Just about anyone in the White House press corps could have predicted at least one portion of the brief remarks President Obama made at the White House on Sunday evening. In giving his blessing to the compromise package on the debt ceiling emerging from the Senate, Obama seemed almost certain to once again voice his strong support of a tax increase on America’s highest wage earners—even though that option died on its way to the final debt-ceiling package, thanks to the insistence of House Republicans on no new taxes.
And Mr. Obama did not disappoint, to say the least.
“Now, I’ve said from the beginning that the ultimate solution to our deficit problem must be balanced,” he told reporters and a national television audience from the James Brady Briefing Room. “Despite what some Republicans have argued, I believe that we have to ask the wealthiest Americans and biggest corporations to pay their fair share by giving up tax breaks and special deductions.”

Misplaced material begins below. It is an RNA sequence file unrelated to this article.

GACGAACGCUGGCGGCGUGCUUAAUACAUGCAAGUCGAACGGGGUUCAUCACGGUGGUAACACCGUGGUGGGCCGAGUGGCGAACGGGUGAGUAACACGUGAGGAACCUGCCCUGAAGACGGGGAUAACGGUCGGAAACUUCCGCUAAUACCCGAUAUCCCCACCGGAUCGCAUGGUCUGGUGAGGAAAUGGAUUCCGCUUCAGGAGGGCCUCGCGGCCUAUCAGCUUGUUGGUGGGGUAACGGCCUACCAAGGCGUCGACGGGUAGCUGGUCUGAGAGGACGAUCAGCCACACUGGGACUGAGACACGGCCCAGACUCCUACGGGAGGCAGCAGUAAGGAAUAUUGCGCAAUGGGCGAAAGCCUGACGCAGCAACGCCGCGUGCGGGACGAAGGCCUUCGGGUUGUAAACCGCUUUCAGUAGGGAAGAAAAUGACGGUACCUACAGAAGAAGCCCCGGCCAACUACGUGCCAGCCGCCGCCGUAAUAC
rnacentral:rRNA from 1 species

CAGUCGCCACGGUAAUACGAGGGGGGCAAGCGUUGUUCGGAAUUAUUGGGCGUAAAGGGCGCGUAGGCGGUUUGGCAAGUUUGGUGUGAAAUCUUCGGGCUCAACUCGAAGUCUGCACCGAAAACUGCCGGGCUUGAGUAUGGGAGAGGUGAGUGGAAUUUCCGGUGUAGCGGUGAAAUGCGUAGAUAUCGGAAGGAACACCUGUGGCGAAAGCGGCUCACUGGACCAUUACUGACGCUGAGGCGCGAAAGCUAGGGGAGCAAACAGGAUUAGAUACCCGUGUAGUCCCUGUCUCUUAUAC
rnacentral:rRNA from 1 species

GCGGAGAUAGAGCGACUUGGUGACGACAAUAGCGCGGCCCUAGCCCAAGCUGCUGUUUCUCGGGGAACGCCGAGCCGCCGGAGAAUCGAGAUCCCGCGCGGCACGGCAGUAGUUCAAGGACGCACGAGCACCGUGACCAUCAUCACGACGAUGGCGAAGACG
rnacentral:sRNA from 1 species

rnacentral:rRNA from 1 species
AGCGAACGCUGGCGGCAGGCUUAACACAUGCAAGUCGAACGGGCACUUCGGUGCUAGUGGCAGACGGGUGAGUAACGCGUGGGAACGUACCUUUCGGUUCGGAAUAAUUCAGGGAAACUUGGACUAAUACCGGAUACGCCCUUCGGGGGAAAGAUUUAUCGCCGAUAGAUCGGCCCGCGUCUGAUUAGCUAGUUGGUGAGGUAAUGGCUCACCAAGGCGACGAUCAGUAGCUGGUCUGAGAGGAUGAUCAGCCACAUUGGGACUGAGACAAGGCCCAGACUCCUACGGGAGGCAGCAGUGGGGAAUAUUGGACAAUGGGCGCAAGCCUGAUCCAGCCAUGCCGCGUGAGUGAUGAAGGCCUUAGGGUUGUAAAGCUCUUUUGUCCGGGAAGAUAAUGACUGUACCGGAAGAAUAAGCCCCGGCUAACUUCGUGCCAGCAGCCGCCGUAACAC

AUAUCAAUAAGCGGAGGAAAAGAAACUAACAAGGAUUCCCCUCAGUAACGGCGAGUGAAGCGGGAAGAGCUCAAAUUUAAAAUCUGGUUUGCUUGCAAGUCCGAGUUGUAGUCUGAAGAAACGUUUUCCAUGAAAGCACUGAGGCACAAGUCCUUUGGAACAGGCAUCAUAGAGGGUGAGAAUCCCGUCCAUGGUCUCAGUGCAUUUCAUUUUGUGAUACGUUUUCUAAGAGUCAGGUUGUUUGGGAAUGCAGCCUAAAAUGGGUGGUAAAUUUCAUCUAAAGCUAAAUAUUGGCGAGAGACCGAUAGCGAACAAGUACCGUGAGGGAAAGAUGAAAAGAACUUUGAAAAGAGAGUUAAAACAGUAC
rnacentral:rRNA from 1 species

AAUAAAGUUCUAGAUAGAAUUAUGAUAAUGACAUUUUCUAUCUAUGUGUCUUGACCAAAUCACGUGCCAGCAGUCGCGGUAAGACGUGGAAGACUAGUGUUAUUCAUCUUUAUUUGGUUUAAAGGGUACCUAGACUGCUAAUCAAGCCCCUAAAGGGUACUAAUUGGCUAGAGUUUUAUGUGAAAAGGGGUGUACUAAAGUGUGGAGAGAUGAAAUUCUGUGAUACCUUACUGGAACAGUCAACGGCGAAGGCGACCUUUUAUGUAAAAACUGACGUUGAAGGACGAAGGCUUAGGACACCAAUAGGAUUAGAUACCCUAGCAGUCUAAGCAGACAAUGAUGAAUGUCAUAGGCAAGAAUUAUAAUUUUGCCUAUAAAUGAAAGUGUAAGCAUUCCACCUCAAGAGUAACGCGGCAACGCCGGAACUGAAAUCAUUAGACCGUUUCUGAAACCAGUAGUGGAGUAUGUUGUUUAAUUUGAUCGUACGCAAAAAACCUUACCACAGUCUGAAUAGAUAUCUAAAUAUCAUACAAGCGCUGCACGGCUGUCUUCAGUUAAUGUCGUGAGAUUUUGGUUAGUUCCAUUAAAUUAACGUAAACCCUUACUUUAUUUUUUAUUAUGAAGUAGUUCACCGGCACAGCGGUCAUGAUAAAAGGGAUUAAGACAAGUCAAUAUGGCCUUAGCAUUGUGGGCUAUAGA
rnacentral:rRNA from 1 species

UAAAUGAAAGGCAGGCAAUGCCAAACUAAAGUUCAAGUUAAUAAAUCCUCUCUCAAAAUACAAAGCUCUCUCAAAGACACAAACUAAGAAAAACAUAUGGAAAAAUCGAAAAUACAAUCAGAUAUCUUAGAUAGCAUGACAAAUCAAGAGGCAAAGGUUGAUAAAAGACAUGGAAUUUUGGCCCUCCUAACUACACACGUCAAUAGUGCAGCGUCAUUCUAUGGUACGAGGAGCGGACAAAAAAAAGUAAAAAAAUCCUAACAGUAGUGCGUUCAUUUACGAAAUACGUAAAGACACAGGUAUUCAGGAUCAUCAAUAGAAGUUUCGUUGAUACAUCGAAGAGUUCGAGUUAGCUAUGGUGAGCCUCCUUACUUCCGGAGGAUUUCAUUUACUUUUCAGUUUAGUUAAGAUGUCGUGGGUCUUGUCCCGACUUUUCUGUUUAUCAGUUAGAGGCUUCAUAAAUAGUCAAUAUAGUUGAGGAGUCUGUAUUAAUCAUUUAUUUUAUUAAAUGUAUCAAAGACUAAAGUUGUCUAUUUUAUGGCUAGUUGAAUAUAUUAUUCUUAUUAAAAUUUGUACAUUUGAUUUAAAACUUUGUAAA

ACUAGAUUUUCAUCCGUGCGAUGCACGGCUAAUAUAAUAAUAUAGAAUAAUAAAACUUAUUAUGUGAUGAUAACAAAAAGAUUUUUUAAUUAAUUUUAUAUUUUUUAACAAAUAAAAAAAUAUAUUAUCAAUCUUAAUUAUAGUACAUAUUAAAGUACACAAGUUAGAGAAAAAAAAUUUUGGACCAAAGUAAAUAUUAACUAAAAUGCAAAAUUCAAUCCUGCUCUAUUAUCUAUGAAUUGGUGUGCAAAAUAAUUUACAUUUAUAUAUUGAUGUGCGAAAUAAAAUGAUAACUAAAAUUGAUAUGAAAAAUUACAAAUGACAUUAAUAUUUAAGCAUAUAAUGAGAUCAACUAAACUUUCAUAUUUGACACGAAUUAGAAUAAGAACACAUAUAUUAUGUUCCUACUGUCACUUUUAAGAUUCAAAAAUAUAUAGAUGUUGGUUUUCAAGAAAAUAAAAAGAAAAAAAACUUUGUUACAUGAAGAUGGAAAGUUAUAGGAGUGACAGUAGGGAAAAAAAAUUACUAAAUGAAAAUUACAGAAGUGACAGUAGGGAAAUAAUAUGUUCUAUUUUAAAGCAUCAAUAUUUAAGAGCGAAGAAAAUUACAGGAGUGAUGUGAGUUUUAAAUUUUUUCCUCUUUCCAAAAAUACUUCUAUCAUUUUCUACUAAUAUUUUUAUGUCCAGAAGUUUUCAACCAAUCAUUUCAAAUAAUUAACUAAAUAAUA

In virtually every one of his appearances before the White House press corps and in addresses to the nation during the debate over raising the debt ceiling, this has been the theme the President has underscored: that the 2% of Americans who have the highest incomes need to pay a greater share of taxes. At times, he has variously called them “corporate jet owners” or “authors of best-selling books,” although the loss of tax deductions he speaks of would have applied to Americans who make more than $250,000 a year—not exactly the typical income for an owner of corporate aircraft.
By raising the talk of higher taxes on the “rich” last night, Obama strongly hinted that he is still committed to it and we haven’t heard the last about “revenue increases,” and “tax reform.” As he put it, “Now, is this the deal I would have preferred? No. I believe that we could have made the tough choices required—on entitlement reform and tax reform—right now, rather than through a special congressional committee process.”
Translation: Whether it’s through the forthcoming congressional committee process prescribed in the debt-ceiling package or on the campaign trail, the voters will be hearing more about who should be paying their “fair share.”
As brief as they were, Obama’s remarks were made one day after a Page One story in the New York Times by White House correspondent Jackie Calmes reported that Obama’s “rightward drift” in the budget debate may have created a “rift” in the Democratic party with its left-of-center base.
If that is the case, then the President was clearly moving to remedy this with his remarks Sunday night.